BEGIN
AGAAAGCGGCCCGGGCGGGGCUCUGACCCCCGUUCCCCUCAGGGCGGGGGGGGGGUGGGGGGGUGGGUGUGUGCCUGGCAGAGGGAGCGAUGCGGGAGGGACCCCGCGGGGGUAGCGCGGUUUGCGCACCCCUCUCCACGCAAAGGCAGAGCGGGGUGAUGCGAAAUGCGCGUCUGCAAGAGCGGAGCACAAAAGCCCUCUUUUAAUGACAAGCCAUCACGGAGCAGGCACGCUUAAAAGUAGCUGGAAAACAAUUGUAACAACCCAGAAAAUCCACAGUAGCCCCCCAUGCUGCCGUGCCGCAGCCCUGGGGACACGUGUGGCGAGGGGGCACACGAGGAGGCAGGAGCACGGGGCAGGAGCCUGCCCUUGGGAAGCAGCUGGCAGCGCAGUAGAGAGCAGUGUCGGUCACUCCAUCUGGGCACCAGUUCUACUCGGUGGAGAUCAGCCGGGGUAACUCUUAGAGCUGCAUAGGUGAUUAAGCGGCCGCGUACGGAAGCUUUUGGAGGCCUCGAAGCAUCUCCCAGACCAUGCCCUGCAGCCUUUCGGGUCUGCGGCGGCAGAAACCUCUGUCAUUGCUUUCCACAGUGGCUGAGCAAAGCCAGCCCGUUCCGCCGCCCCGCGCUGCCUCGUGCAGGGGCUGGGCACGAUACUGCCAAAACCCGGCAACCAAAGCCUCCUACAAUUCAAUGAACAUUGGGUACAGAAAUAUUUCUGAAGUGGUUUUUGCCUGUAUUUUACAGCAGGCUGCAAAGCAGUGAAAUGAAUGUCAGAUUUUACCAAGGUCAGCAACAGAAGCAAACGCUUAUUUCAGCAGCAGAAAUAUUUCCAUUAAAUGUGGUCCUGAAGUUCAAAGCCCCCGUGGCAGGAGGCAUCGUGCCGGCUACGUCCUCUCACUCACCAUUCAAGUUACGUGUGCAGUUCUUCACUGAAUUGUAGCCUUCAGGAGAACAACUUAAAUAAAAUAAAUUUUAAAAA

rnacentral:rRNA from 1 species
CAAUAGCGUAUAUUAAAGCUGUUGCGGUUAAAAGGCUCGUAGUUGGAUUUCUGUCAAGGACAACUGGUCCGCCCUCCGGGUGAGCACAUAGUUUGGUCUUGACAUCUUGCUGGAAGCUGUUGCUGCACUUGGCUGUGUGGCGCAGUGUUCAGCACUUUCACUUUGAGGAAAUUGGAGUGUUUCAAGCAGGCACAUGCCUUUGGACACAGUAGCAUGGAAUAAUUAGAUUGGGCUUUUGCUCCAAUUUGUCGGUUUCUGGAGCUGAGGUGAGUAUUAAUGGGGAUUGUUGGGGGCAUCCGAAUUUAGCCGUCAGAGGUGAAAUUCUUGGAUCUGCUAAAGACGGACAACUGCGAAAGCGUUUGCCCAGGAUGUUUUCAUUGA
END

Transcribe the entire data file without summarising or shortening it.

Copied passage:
AGAAAGCGGCCCGGGCGGGGCUCUGACCCCCGUUCCCCUCAGGGCGGGGGGGGGGUGGGGGGGUGGGUGUGUGCCUGGCAGAGGGAGCGAUGCGGGAGGGACCCCGCGGGGGUAGCGCGGUUUGCGCACCCCUCUCCACGCAAAGGCAGAGCGGGGUGAUGCGAAAUGCGCGUCUGCAAGAGCGGAGCACAAAAGCCCUCUUUUAAUGACAAGCCAUCACGGAGCAGGCACGCUUAAAAGUAGCUGGAAAACAAUUGUAACAACCCAGAAAAUCCACAGUAGCCCCCCAUGCUGCCGUGCCGCAGCCCUGGGGACACGUGUGGCGAGGGGGCACACGAGGAGGCAGGAGCACGGGGCAGGAGCCUGCCCUUGGGAAGCAGCUGGCAGCGCAGUAGAGAGCAGUGUCGGUCACUCCAUCUGGGCACCAGUUCUACUCGGUGGAGAUCAGCCGGGGUAACUCUUAGAGCUGCAUAGGUGAUUAAGCGGCCGCGUACGGAAGCUUUUGGAGGCCUCGAAGCAUCUCCCAGACCAUGCCCUGCAGCCUUUCGGGUCUGCGGCGGCAGAAACCUCUGUCAUUGCUUUCCACAGUGGCUGAGCAAAGCCAGCCCGUUCCGCCGCCCCGCGCUGCCUCGUGCAGGGGCUGGGCACGAUACUGCCAAAACCCGGCAACCAAAGCCUCCUACAAUUCAAUGAACAUUGGGUACAGAAAUAUUUCUGAAGUGGUUUUUGCCUGUAUUUUACAGCAGGCUGCAAAGCAGUGAAAUGAAUGUCAGAUUUUACCAAGGUCAGCAACAGAAGCAAACGCUUAUUUCAGCAGCAGAAAUAUUUCCAUUAAAUGUGGUCCUGAAGUUCAAAGCCCCCGUGGCAGGAGGCAUCGUGCCGGCUACGUCCUCUCACUCACCAUUCAAGUUACGUGUGCAGUUCUUCACUGAAUUGUAGCCUUCAGGAGAACAACUUAAAUAAAAUAAAUUUUAAAAA

rnacentral:rRNA from 1 species
CAAUAGCGUAUAUUAAAGCUGUUGCGGUUAAAAGGCUCGUAGUUGGAUUUCUGUCAAGGACAACUGGUCCGCCCUCCGGGUGAGCACAUAGUUUGGUCUUGACAUCUUGCUGGAAGCUGUUGCUGCACUUGGCUGUGUGGCGCAGUGUUCAGCACUUUCACUUUGAGGAAAUUGGAGUGUUUCAAGCAGGCACAUGCCUUUGGACACAGUAGCAUGGAAUAAUUAGAUUGGGCUUUUGCUCCAAUUUGUCGGUUUCUGGAGCUGAGGUGAGUAUUAAUGGGGAUUGUUGGGGGCAUCCGAAUUUAGCCGUCAGAGGUGAAAUUCUUGGAUCUGCUAAAGACGGACAACUGCGAAAGCGUUUGCCCAGGAUGUUUUCAUUGA